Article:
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domob last won the day on September 6

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  1. domob

    Xaya Rich List

    The difference you see is probably due to coins left over from the HUC snapshot that were burned. Due to some rounding that was done when the HUC/CHI rate was determined, we needed around 14 CHI less than what was allocated by Andy. I burnt the remaining coins in c90cd16b4caca293b71f75361d61ac35de1e902db020e0cc7729170a4087f266. Also note that in theory everyone else can also burn coins, and miners can choose to get a smaller than allowed block reward - so while I don't think any of that happened (yet), it is perfectly possible to get a smaller actual money supply than what is in theory available.
  2. domob

    Xaya Rich List

    I made it to spot #2! :D Although only for coins that are still to be distributed to presale participants that didn't yet give their addresses, unfortunately. Spot #1 is the team's multisig address that used to hold the premine (I'm sure you know that, though) - there was another transaction from it yesterday, and what is left now is the 10% team coins.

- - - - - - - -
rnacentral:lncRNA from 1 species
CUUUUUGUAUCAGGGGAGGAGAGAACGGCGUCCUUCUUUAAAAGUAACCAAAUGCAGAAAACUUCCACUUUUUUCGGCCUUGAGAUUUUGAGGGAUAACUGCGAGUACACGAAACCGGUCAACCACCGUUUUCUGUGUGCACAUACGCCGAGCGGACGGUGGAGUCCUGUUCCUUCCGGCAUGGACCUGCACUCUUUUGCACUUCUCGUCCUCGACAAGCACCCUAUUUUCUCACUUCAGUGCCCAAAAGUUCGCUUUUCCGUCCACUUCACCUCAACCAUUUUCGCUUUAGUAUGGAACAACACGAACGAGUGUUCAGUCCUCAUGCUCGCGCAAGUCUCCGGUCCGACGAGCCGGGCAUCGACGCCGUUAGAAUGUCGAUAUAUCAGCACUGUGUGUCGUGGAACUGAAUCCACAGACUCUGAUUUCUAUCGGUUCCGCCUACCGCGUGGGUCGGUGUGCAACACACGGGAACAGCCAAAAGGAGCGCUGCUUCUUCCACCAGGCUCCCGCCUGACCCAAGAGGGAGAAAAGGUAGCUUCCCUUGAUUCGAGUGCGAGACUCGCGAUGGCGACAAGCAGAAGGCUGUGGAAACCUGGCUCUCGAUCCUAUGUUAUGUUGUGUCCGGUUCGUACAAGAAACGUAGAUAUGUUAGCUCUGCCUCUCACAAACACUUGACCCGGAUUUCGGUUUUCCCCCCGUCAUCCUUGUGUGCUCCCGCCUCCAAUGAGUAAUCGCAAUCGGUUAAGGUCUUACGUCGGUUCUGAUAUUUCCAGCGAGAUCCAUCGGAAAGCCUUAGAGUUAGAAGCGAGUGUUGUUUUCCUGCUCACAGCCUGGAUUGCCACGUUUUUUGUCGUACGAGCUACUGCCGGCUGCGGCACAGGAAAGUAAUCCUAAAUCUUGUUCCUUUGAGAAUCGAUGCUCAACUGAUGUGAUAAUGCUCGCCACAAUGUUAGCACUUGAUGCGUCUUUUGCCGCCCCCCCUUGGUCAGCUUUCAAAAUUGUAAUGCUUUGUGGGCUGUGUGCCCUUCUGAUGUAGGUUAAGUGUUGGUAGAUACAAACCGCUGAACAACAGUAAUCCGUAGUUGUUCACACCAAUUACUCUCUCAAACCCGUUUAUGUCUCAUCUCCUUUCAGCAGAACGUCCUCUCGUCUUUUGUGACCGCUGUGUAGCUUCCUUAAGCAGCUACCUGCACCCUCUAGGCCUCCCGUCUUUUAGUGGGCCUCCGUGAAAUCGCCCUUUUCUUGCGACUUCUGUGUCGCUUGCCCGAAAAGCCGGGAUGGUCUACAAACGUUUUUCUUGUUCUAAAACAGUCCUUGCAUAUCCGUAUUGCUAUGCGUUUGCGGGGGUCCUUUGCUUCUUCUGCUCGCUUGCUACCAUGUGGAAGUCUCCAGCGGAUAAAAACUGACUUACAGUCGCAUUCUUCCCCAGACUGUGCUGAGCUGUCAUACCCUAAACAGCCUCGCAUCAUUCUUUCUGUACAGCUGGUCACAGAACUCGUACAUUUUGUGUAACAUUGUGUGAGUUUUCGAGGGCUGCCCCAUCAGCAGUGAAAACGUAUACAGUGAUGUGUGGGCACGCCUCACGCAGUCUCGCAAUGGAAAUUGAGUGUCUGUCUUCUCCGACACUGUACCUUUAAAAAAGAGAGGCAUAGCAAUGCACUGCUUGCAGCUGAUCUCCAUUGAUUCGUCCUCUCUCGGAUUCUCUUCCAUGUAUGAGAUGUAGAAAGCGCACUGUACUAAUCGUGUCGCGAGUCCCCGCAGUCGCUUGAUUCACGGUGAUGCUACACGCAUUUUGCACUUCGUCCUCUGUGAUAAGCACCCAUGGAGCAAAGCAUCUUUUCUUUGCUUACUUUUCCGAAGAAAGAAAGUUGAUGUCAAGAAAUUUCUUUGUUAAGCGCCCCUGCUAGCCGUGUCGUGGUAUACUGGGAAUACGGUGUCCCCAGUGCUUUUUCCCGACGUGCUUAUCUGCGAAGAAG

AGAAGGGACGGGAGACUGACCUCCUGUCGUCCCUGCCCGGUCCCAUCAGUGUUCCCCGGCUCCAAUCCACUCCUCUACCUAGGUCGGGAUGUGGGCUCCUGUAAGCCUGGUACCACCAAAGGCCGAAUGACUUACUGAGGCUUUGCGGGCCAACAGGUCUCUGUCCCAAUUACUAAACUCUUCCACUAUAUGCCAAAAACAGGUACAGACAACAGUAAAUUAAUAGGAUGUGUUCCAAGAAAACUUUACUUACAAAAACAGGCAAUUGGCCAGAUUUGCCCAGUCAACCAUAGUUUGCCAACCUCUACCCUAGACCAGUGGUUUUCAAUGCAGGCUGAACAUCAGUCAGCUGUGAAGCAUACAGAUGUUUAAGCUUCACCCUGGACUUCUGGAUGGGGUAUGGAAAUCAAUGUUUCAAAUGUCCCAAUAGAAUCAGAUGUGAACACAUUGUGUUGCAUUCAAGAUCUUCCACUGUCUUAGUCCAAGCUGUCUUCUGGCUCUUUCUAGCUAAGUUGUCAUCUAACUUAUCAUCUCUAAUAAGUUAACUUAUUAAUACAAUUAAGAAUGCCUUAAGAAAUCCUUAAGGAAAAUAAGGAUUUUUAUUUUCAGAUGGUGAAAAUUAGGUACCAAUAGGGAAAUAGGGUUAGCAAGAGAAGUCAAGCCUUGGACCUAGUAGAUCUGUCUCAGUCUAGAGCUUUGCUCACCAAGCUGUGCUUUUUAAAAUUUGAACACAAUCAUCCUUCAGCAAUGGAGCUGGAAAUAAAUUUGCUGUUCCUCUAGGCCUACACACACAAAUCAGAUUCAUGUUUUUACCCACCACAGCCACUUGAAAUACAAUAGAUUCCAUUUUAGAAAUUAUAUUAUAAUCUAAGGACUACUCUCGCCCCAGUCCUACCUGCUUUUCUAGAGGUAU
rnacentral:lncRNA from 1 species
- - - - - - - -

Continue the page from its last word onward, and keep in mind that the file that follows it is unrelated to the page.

3. domob

    Upcoming Hard-Fork - Information

    For changing the ports on testnet (or regtest for that matter), you need to put them below a [testnet] line or change them to testnet.rpcport, I think (or perhaps the other way round, rpcport.testnet).
  4. Yes, you can do that, of course. That's basically what libxayagame does itself - but there are quite a few tricky cases to think about (like missed ZMQ notifications), so you need to be careful in developing this part. If there is any kind of framework for calling C functions from NodeJS or the other way round, you may be able to use libxayagame to simplify things. But if not and you want to talk to the daemon directly, it is certainly doable as well.
  5. You mean, to develop the actual game daemon in JavaScript (not the frontend)? No, I do not have plans for that. However, I am working on a wrapper that makes it easy to use libxayagame from any language that has interoperability with C. I do not know if that applies to JavaScript, to be honest. But in general, I think you should try to avoid redoing what libxayagame does yourself. We can certainly discuss what methods there are to use the library from JS. (I personally like JavaScript as a language due to its functional concepts, but have only used it for web development and would not really think about using it to write a backend daemon.)